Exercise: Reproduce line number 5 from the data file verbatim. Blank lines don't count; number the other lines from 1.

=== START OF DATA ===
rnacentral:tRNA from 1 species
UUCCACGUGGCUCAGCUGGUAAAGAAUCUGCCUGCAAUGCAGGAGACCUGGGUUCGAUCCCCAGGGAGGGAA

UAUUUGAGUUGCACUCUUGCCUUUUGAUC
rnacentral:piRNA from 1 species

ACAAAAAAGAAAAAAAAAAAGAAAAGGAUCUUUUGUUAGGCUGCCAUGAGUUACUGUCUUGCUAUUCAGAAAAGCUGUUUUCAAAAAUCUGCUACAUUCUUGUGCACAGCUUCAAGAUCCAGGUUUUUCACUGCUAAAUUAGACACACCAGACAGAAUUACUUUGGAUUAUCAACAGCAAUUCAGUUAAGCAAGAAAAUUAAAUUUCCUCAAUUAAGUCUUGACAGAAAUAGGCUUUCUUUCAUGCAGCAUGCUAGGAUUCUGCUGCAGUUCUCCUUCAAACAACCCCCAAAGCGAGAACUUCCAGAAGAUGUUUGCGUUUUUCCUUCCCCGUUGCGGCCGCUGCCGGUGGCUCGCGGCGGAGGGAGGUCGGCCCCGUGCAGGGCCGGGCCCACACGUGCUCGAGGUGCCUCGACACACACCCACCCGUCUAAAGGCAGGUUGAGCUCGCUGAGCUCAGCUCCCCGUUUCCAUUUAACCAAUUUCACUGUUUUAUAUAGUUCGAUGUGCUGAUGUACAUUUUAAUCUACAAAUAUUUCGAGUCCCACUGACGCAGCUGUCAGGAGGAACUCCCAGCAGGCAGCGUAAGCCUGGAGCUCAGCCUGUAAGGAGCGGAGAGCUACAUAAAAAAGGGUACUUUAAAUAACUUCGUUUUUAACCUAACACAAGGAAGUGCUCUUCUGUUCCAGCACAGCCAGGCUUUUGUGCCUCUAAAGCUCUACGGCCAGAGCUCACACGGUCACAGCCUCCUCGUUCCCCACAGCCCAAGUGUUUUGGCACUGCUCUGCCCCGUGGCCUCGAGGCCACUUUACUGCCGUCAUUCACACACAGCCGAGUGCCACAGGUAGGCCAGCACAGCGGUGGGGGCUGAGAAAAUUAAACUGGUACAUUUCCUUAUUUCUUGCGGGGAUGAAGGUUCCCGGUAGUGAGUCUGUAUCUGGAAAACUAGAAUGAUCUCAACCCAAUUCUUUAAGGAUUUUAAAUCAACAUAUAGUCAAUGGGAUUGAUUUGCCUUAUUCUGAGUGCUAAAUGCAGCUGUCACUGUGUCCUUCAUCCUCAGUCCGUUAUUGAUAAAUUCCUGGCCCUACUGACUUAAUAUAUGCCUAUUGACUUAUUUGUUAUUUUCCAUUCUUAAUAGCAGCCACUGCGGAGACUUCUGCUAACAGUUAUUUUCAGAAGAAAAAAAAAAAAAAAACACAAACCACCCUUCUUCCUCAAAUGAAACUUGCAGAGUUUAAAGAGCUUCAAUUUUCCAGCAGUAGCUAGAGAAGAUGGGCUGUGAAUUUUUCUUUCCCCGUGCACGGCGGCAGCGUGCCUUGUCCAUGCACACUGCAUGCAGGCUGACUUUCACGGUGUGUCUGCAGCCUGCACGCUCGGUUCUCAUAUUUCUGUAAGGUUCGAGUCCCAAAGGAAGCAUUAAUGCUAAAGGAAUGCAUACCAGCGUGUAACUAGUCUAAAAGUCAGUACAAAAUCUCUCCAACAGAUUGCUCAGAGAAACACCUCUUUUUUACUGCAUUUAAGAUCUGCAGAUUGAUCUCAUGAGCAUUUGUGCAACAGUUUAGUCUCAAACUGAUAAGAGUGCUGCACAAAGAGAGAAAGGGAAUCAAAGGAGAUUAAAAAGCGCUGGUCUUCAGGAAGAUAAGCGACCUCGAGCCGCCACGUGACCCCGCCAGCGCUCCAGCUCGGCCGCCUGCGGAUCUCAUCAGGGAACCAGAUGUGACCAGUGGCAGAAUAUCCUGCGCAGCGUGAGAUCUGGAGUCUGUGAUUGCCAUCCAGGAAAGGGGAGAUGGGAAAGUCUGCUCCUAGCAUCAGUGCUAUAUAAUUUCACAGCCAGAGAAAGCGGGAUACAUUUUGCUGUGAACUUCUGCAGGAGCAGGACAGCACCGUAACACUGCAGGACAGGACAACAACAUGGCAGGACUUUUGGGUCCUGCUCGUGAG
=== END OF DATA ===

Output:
ACAAAAAAGAAAAAAAAAAAGAAAAGGAUCUUUUGUUAGGCUGCCAUGAGUUACUGUCUUGCUAUUCAGAAAAGCUGUUUUCAAAAAUCUGCUACAUUCUUGUGCACAGCUUCAAGAUCCAGGUUUUUCACUGCUAAAUUAGACACACCAGACAGAAUUACUUUGGAUUAUCAACAGCAAUUCAGUUAAGCAAGAAAAUUAAAUUUCCUCAAUUAAGUCUUGACAGAAAUAGGCUUUCUUUCAUGCAGCAUGCUAGGAUUCUGCUGCAGUUCUCCUUCAAACAACCCCCAAAGCGAGAACUUCCAGAAGAUGUUUGCGUUUUUCCUUCCCCGUUGCGGCCGCUGCCGGUGGCUCGCGGCGGAGGGAGGUCGGCCCCGUGCAGGGCCGGGCCCACACGUGCUCGAGGUGCCUCGACACACACCCACCCGUCUAAAGGCAGGUUGAGCUCGCUGAGCUCAGCUCCCCGUUUCCAUUUAACCAAUUUCACUGUUUUAUAUAGUUCGAUGUGCUGAUGUACAUUUUAAUCUACAAAUAUUUCGAGUCCCACUGACGCAGCUGUCAGGAGGAACUCCCAGCAGGCAGCGUAAGCCUGGAGCUCAGCCUGUAAGGAGCGGAGAGCUACAUAAAAAAGGGUACUUUAAAUAACUUCGUUUUUAACCUAACACAAGGAAGUGCUCUUCUGUUCCAGCACAGCCAGGCUUUUGUGCCUCUAAAGCUCUACGGCCAGAGCUCACACGGUCACAGCCUCCUCGUUCCCCACAGCCCAAGUGUUUUGGCACUGCUCUGCCCCGUGGCCUCGAGGCCACUUUACUGCCGUCAUUCACACACAGCCGAGUGCCACAGGUAGGCCAGCACAGCGGUGGGGGCUGAGAAAAUUAAACUGGUACAUUUCCUUAUUUCUUGCGGGGAUGAAGGUUCCCGGUAGUGAGUCUGUAUCUGGAAAACUAGAAUGAUCUCAACCCAAUUCUUUAAGGAUUUUAAAUCAACAUAUAGUCAAUGGGAUUGAUUUGCCUUAUUCUGAGUGCUAAAUGCAGCUGUCACUGUGUCCUUCAUCCUCAGUCCGUUAUUGAUAAAUUCCUGGCCCUACUGACUUAAUAUAUGCCUAUUGACUUAUUUGUUAUUUUCCAUUCUUAAUAGCAGCCACUGCGGAGACUUCUGCUAACAGUUAUUUUCAGAAGAAAAAAAAAAAAAAAACACAAACCACCCUUCUUCCUCAAAUGAAACUUGCAGAGUUUAAAGAGCUUCAAUUUUCCAGCAGUAGCUAGAGAAGAUGGGCUGUGAAUUUUUCUUUCCCCGUGCACGGCGGCAGCGUGCCUUGUCCAUGCACACUGCAUGCAGGCUGACUUUCACGGUGUGUCUGCAGCCUGCACGCUCGGUUCUCAUAUUUCUGUAAGGUUCGAGUCCCAAAGGAAGCAUUAAUGCUAAAGGAAUGCAUACCAGCGUGUAACUAGUCUAAAAGUCAGUACAAAAUCUCUCCAACAGAUUGCUCAGAGAAACACCUCUUUUUUACUGCAUUUAAGAUCUGCAGAUUGAUCUCAUGAGCAUUUGUGCAACAGUUUAGUCUCAAACUGAUAAGAGUGCUGCACAAAGAGAGAAAGGGAAUCAAAGGAGAUUAAAAAGCGCUGGUCUUCAGGAAGAUAAGCGACCUCGAGCCGCCACGUGACCCCGCCAGCGCUCCAGCUCGGCCGCCUGCGGAUCUCAUCAGGGAACCAGAUGUGACCAGUGGCAGAAUAUCCUGCGCAGCGUGAGAUCUGGAGUCUGUGAUUGCCAUCCAGGAAAGGGGAGAUGGGAAAGUCUGCUCCUAGCAUCAGUGCUAUAUAAUUUCACAGCCAGAGAAAGCGGGAUACAUUUUGCUGUGAACUUCUGCAGGAGCAGGACAGCACCGUAACACUGCAGGACAGGACAACAACAUGGCAGGACUUUUGGGUCCUGCUCGUGAG